The World Health Organization (WHO) has described the trends in some countries as “extremely worrisome” and asks governments to ban all tobacco advertising, promotion and sponsorship, and to eliminate tobacco smoke from all public and work places.
WHO Director-General Dr Margaret Chan said that tobacco use is “neither liberating nor glamorous..it is addictive and deadly”.
This year’s campaign theme of World No Tobacco Day 2010 is “Gender and Tobacco” with an emphasis on marketing to women. The campaign focuses on the damaging effects of tobacco marketing towards women and girls.
Although females only make up about 20% of the world’s smokers, WHO says there is compelling evidence that the “epidemic of tobacco use among girls is increasing in some countries and regions.”
In half of the 151 countries recently surveyed for trends in tobacco use among young people, approximately as many girls used tobacco as boys.
In the following countries more girls use tobacco than boys:
- Cook Islands
- Czech Republic
- New Zealand
Women are a foremost objective for the tobacco industry in its attempt to recruit new smokers to replace those who will quit or die prematurely from tobacco-related diseases. Tobacco is the world’s primary preventable cause of death, killing over 5 million people annually – of which 1.5 million are female.
WHO Assistant Director-General for Noncommunicable Diseases and Mental Health, Dr Ala Alwan said:
We know that tobacco advertising increasingly targets girls. This campaign calls attention to the tobacco industry’s attempts to market its deadly products by associating tobacco use with beauty and liberation.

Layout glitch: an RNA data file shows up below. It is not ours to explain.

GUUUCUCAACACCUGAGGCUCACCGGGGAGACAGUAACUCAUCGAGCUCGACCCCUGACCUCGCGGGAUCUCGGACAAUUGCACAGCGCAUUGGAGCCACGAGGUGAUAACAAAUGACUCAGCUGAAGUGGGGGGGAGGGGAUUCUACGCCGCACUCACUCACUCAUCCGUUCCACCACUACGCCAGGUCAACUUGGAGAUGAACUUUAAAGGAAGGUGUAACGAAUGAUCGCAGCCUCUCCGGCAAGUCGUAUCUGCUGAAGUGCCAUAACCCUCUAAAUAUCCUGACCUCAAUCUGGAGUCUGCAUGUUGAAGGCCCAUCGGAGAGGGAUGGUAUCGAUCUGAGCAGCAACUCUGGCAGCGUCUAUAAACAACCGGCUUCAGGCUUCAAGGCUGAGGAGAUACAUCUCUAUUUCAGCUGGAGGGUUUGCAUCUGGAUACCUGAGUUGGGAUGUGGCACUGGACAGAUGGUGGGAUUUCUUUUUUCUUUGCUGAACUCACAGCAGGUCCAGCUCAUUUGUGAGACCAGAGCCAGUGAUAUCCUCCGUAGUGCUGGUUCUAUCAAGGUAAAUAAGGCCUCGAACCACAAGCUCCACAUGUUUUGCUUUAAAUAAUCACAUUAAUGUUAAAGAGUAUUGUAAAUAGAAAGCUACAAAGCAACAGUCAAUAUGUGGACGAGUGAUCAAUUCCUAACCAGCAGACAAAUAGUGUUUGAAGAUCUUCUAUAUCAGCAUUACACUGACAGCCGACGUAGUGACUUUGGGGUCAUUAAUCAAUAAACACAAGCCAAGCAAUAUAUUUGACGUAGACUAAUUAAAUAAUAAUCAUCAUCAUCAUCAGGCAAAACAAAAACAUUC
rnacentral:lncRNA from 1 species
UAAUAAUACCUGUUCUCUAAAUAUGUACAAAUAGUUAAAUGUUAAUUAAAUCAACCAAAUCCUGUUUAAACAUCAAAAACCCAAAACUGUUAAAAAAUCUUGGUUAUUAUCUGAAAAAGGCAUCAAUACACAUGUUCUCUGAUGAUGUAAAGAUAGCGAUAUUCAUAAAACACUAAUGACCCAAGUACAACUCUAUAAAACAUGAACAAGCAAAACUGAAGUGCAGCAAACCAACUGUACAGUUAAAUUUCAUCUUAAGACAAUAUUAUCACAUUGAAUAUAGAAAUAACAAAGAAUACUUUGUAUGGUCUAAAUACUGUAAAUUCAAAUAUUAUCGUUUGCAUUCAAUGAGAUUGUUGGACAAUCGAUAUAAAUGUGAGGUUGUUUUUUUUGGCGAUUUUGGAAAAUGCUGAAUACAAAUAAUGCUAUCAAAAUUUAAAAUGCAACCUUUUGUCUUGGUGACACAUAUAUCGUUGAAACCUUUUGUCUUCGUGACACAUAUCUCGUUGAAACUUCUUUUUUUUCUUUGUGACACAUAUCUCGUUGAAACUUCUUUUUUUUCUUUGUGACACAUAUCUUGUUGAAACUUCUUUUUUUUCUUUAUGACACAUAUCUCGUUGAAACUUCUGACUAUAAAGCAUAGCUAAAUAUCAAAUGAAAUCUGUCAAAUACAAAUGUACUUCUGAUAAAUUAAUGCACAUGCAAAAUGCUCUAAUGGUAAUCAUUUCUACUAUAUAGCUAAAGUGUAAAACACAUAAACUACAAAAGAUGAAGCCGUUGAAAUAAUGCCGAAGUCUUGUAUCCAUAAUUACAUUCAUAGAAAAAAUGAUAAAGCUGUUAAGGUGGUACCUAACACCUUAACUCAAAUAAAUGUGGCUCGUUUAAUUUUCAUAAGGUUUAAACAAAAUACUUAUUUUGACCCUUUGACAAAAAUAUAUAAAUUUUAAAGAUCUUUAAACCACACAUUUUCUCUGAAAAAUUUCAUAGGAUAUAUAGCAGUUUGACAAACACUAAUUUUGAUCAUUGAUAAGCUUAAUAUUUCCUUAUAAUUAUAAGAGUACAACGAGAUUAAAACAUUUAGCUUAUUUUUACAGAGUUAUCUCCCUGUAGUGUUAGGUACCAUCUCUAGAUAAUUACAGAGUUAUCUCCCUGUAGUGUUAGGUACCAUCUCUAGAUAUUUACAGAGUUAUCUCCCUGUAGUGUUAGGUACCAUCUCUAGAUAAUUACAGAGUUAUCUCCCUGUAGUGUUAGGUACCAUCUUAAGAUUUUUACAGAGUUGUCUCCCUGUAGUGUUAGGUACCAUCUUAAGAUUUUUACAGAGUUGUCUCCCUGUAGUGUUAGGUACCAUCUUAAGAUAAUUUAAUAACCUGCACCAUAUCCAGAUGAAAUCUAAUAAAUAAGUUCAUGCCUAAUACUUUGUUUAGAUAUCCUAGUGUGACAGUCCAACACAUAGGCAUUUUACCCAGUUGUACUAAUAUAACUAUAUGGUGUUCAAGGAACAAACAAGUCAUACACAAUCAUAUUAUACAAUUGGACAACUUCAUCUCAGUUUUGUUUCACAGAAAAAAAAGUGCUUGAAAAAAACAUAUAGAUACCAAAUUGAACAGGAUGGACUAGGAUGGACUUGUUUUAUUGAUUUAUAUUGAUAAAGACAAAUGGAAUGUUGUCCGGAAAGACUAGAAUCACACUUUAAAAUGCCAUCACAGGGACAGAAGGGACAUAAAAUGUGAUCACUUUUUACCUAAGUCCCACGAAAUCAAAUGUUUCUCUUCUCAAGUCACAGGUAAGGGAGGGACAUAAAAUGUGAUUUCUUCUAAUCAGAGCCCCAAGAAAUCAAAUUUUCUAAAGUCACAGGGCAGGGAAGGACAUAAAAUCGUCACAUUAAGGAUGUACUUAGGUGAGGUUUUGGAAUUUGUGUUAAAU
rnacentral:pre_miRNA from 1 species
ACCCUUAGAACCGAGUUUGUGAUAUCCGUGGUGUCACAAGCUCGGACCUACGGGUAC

Frequently the threat to women is less from their being enticed to smoke or chew tobacco than from their being exposed to the smoke of others, particularly men. Globally, 64% of the 430,000 annual adult deaths from second hand smoke are among women, WHO informs.
Dr Douglas Bettcher, Director of WHO’s Tobacco Free Initiative, said:
By enforcing the WHO Framework Convention, governments can reduce the toll of fatal and crippling heart attacks, strokes, cancers and respiratory diseases that have become increasingly prevalent among women.
WHO urges governments and the public to demand a ban on all forms of tobacco advertising, promotion and sponsorship; to support implementation and strong enforcement of legislation to provide 100% protection from tobacco smoke in all public and work places; and to take global action to advocate for women’s freedom from tobacco.
The international launch of World No Tobacco Day 2010 will take place on 31 May in Tokyo, Japan. The launch will begin at 10:00 a.m. (Tokyo time) with a press conference at the Japanese Ministry of Health, Labour and Welfare.
A symposium about the theme of World No Tobacco Day 2010 will begin at 2:30 p.m. (Tokyo time) at the National Cancer Centre, which is an official WHO Collaborating Centre. A new WHO monograph, “Women, Tobacco and the Tobacco Epidemic”, will be presented there.
Source: World Health Organization (WHO)
Written by Christian Nordqvist